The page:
Portico Library, The National Lottery Heritage Fund, c Joe Fenn

The Portico Library dates back to 1806. Credit: Joe Fenn

Lottery funds pave way for £7m Manchester Portico revamp

Development will start immediately on mapping out the transformation of the grade two-listed library, securing its future while preserving the historic book collection that dates back more than 450 years.

Manchester’s Portico Library has been awarded almost half a million pounds by The National Lottery Heritage Fund, kickstarting the £7m redevelopment of the 218-year-old building off Mosley Street.

The property’s Board of Trustees will now work with experts and the community to trial plans for the project, which will see the Portico converted into a creative space with all three floors brought together for the first time in more than 100 years.

Proposals for the basement and ground floor feature a dining and exhibition area, a ‘Northern Bookshop’, and a collections-core lab, along with flexible event and meeting spaces.

Upstairs, plans intend to retain and enhance the library’s existing heritage by showcasing the building’s architecture, manuscript archive, and book collection.

Established in 1806 as a newsroom and library, the Portico’s current book stock ranges from a first edition of Jane Eyre to Portico Prize winners.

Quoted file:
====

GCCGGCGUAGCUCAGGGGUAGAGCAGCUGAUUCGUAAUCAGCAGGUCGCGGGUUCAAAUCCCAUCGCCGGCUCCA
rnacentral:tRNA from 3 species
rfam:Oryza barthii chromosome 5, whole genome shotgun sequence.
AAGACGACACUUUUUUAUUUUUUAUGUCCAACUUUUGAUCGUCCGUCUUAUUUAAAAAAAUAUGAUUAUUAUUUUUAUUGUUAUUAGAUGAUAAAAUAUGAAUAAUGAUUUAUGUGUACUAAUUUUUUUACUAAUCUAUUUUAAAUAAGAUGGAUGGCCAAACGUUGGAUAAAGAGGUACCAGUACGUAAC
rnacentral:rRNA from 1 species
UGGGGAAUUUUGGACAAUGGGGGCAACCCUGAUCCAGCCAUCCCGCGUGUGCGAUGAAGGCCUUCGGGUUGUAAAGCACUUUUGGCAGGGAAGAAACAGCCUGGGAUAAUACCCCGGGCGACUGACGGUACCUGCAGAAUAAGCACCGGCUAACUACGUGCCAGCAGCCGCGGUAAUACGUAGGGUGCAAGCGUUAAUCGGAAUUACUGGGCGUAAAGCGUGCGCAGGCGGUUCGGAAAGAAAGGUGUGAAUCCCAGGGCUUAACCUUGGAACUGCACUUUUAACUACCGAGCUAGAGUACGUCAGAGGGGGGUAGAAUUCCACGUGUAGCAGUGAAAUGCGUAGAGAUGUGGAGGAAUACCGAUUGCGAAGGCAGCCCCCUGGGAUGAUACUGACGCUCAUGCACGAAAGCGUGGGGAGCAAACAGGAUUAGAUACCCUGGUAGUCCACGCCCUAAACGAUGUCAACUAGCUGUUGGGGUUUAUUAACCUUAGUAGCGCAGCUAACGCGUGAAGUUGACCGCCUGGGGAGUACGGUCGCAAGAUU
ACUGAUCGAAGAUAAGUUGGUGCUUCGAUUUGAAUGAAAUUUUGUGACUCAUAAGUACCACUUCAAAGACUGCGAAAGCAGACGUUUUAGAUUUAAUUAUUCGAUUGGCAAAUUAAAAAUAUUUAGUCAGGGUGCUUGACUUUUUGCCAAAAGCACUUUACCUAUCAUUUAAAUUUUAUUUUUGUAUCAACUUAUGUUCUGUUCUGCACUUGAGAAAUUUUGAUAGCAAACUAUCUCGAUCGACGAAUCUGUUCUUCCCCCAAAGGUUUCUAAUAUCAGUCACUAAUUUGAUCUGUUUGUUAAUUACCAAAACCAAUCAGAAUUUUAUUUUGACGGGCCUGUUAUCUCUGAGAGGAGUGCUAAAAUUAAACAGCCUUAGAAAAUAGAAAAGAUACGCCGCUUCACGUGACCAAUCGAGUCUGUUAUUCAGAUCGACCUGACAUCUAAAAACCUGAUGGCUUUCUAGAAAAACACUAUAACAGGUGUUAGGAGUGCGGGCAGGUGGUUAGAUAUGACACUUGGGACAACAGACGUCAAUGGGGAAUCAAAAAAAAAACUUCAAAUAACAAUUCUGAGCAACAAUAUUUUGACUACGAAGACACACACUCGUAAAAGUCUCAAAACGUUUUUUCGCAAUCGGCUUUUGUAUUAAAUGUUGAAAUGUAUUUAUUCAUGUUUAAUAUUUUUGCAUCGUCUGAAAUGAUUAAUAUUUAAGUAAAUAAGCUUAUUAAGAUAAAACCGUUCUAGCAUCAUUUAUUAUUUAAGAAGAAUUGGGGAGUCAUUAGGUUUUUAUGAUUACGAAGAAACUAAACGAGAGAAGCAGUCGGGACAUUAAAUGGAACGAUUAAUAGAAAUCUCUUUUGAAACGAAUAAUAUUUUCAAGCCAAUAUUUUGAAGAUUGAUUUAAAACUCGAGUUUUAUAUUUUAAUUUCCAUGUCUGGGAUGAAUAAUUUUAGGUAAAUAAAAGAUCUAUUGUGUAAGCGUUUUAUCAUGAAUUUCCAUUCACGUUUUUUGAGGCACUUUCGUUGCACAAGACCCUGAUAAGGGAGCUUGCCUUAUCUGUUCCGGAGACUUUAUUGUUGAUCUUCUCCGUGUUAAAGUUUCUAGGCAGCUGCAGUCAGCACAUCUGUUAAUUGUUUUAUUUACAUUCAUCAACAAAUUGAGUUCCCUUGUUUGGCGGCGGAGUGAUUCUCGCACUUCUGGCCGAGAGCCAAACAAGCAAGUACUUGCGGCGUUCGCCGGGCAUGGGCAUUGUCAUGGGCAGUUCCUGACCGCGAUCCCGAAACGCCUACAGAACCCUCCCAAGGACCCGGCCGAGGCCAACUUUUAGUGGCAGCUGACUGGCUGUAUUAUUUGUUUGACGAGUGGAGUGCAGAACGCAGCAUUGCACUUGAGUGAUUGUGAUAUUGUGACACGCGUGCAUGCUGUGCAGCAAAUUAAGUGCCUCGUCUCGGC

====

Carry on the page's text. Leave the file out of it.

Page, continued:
John Carpenter, chair of the Portico Library, said: “The news that The National Lottery Heritage Fund is supporting the Portico Library’s bold scheme to open up and share its extraordinary heritage and collection, to Manchester residents and visitors, is a major cultural signal to Manchester, the North, and the UK.

“This visionary project, years in the making, fulfils our mission of working with the many people in Manchester to explore, share, and celebrate their diverse stories and the city’s literary and global heritage”, he continued.

“Embracing creativity, collaboration, and inclusivity, the project will unlock the library’s past to plan for the future.”

Dave Moutrey, director and chief executive at HOME and director of culture for Manchester City Council, added that 2023 has been an “exceptional year” for culture in the city, noting the reopening of Manchester Museum and the launch of Aviva Studios.

“A bright and exciting future lies ahead for our ever-expanding culture corridor”, he concluded.

Your Comments

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Well that’s a decent use of lottery funding.

By Anonymous

As Manchester is striving to be Englands Manhattan I find it odd that Manchester is now concerned about it’s past.

By Mark

I hope the Bank stays, best pub in town

By Gilly

Manchester has always been concerned about its past, just look at the £340 m plus that’s being spent on the Town hall and Albert sq for example. The difference is it just doesn’t want to live in the past.

By Luke

Mark, I suggest you travel, you will see that most places in the world have old buildings AND build new ones

By Gilly

Best pub in town?
It’s not bad but clearly someone doesn’t know Manchester at all

By Anonymous

I know every pub in town, this is the best, it has regulars, good staff and no nonsense

By Gilly

Don’t spoil it

By brian green

Don’t worry, the pub is staying

By James

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